How To Be Discreet In Discrete Quantities

How To Be Discreet In Discrete Quantities
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Do you know the difference in meaning between ‘discreet’ and ‘discrete’? If not, you’re hardly alone — but don’t panic, we’re here to help.

Whispering picture from Shutterstock

If you tell someone a secret and ask them not to spread it around, you’re hoping they will be ‘discreet’. The Macquarie provides the following definition for this useful adjective:

wise or judicious in avoiding mistakes or faults; prudent; circumspect; cautious; not rash; not given to careless talk; restrained

‘Discrete’, while also an adjective, refers to how something is divided up into parts:

detached from others; separate; distinct; consisting of or characterised by distinct or individual parts; discontinuous

As such, you can’t ask a person to be ‘discrete’. I suspect one source of the confusion is that the noun form of ‘discreet’, ‘discretion’, doesn’t echo the spelling.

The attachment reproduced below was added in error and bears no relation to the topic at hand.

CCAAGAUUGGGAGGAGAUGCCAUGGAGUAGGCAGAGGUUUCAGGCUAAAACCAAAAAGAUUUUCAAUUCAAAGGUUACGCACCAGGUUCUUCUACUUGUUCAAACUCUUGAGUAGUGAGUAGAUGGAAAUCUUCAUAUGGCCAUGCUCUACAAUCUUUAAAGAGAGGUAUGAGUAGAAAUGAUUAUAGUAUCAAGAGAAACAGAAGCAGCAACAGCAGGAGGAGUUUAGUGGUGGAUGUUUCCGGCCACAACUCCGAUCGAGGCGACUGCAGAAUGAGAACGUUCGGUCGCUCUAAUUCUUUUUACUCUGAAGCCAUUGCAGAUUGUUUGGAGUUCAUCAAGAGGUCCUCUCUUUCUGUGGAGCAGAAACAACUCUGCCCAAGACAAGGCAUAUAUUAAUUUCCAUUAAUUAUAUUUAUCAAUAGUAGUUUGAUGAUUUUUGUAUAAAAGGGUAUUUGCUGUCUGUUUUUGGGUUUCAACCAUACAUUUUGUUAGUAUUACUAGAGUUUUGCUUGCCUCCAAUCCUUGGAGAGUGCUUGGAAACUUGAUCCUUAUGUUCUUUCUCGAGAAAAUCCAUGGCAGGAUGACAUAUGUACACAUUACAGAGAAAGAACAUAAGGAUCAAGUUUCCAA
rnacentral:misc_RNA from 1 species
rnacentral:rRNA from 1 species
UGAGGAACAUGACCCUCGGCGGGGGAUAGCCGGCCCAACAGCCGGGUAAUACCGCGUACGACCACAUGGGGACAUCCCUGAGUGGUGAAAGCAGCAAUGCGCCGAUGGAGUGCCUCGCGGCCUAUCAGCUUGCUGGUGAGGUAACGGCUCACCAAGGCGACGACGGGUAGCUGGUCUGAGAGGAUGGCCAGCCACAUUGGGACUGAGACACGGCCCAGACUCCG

A simple rule of thumb? Remember the phrase ‘It’s not discreet if it’s in a tweet’ — the double-Es go together.

The other rule of thumb? If you can’t remember which spelling is correct, choose a different word altogether (perhaps ‘circumspect’ for ‘discreet’, and ‘distinct’ for ‘discrete’). Accuracy matters.

Lifehacker’s Mind Your Language column offers bossy advice on improving your writing.


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